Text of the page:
Many mothers panic when they discover that their newborn has a rash on the bottom, genitals and upper thighs. But diaper rash is very common. It is not usually a serious skin disorder and often resolves on its own with a few simple measures. However, there are instances where untreated and severe diaper rash can have serious consequences. But this is largely preventable. Diaper rash is not a poor reflection on the part of the mother, nanny or caregiver. Even the most conscientious mother may be unable to prevent diaper rash entirely. However, there are several ways to reduce the chances of your baby developing diaper rash and to help it resolve as soon as possible.
Why does diaper rash occur?
Diaper rash is the most common skin rash in newborns. It affects as many as 1 out of 3 infants in the first 2 years of life but less than 10% of cases are reported to a medical practitioner. There are several reasons why diaper rash occurs, many of which are preventable.
- Skin irritation caused by exposure to stool and feces. Short term exposure does not usually cause any significant skin irritation.
- Reaction to diapers, disposable wipes and fabric of the baby’s clothing. Sometimes even the detergent used for washing the clothes may be a problem.
- Pre-existing atopic dermatitis (eczema) aggravated by a host of factors.
- Skin infections caused by bacteria of fungi, particularly yeasts.
- Diarrhea due to any cause which means that the skin is exposed to a watery stool more often than usual.
- Antibiotic use, either by the baby or mother, affects the normal bacterial population and promotes yeast overgrowth.
- Chaffing caused by diapers or clothing.
Frequently Change Diapers
One of the most effective and important measures to prevent diaper rash is to ensure regular diaper changes. It is important to keep monitoring your baby’s diapers. Any sign of urine or stool should prompt an immediate diaper change. It does not matter if the diaper has a drying gel or is not yet completely soaked or soiled. Even just a few extra minutes of exposing the skin to stool and urine can be sufficient to irritate the skin, leading to irritant contact dermatitis. Remember that stool is laden with bacteria that may be harmless in the bowel but can quickly infect the skin.
Using Disposable Wipes
Simply wiping your baby’s bottom is not good enough. Ideally you would want to rinse soiled area even if you are not bathing baby. But this is not always possible. Disposable wipes have been the saving grace in this regard. These moist wipes allow for thorough cleaning even while on the go. The liquid used in wipes are usually hypoallergenic solutions and not just water alone. It helps to thoroughly clean the area and dries rapidly to ensure that there is no residual moisture on the skin. Wipe the baby’s bottom thoroughly with a disposable wipe and use a paper napkin to dry the area before putting on a new clean diaper. If disposable wipes are not an option for you, then use a small spray bottle to rinse baby’s skin between changes. Remember to dry the area thoroughly.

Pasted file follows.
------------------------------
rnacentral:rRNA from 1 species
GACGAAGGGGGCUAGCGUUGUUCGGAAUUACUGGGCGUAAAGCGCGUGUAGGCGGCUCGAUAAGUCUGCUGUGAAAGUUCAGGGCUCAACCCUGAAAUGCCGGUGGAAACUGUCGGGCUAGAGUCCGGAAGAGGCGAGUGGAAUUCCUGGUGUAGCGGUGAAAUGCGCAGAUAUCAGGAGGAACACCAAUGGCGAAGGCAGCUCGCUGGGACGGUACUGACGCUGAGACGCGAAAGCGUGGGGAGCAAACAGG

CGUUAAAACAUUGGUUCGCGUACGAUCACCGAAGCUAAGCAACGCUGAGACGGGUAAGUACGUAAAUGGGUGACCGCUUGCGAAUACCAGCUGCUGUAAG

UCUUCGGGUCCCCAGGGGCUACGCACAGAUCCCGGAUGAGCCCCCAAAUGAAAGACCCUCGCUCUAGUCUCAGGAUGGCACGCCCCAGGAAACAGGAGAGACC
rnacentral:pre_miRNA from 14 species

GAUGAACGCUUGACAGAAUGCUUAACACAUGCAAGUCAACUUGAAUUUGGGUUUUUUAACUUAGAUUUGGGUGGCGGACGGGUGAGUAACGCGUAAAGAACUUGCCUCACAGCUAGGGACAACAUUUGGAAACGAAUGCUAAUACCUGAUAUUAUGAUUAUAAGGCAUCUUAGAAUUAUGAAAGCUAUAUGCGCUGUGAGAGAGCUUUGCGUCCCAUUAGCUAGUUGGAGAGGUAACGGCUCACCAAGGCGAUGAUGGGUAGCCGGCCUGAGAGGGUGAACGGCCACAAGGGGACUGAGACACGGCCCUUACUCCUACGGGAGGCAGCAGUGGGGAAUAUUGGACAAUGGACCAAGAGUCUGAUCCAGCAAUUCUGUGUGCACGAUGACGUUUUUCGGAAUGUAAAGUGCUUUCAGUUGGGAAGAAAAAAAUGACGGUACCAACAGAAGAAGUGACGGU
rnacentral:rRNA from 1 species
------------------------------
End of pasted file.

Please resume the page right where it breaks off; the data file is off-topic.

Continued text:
Change The Brand of Diaper
Different manufacturers use different materials to make diapers although most diapers are largely the same in composition. If one brand of diapers seems to be the problem, then try to changing to another brand. Do not get misled by the advice of family or friends and marketing campaigns. Your baby is an individual and may react to even the most popular diaper brand which is said to be the least likely to contribute to diaper rash. Experiment with different brands of diapers if you have followed all the other preventative measures but the rash persists. Even if you have a preference for one diaper brand after having used it for your other kids – what works for one baby may not work for another.
Avoid Heavily Scented Skin Items
Be it body lotion, disposable wipes or even diapers, strong fragrances may contain chemicals that can irritate the skin – especially a baby’s delicate skin. Manufacturers are careful to use hypoallergenic materials even though it has a pleasant smell but some babies are more sensitive than others. Rather avoid heavily scented products and opt for those with very mild or no scents, especially if your baby has a persistent diaper rash despite using products labeled as hypoallergenic. It is also advisable to purchase products from reputable manufacturers with an established history in baby care products.
Allow The Skin To Air
Imagine wearing thick padded underwear all day and night? It would be uncomfortable and impede ventilation of the skin surface. The same happens when your baby wears a diaper all the time. Let your baby’s bottom air without a diaper as often as possible. There is no reason to immediately put another diaper after having removed the previous one unless you are on the go. Even after bathing, a few minutes with baby’s bottom exposed to air can be very helpful for good skin health. Ventilating baby’s bottom allows the skin to dry thoroughly and helps maintain the natural environment of the skin surface. There is a risk of messing so leave baby on a large towel to avoid soiling the area.
Moisturize and Protect the Skin
Although one of the main problems with diaper rash is the dampness from urine, stool and even sweat, good skin care requires the use of a moisturizer. Choose a moisturizer that is hypoallergenic and preferably unscented. Moisturize the skin thoroughly after bathing but ensure that all the water is thoroughly patted dry and baby’s bottom has some time to air before applying a moisturizer. When it comes to dampness, even the best diapers on the market may not keep baby’s skin 100% dry and spare it from urine, stool and sweat. A barrier cream may be helpful, especially on the areas of the skin where the rash is present. The skin may not be able to naturally maintain its waterproof barrier function and a barrier cream is therefore needed.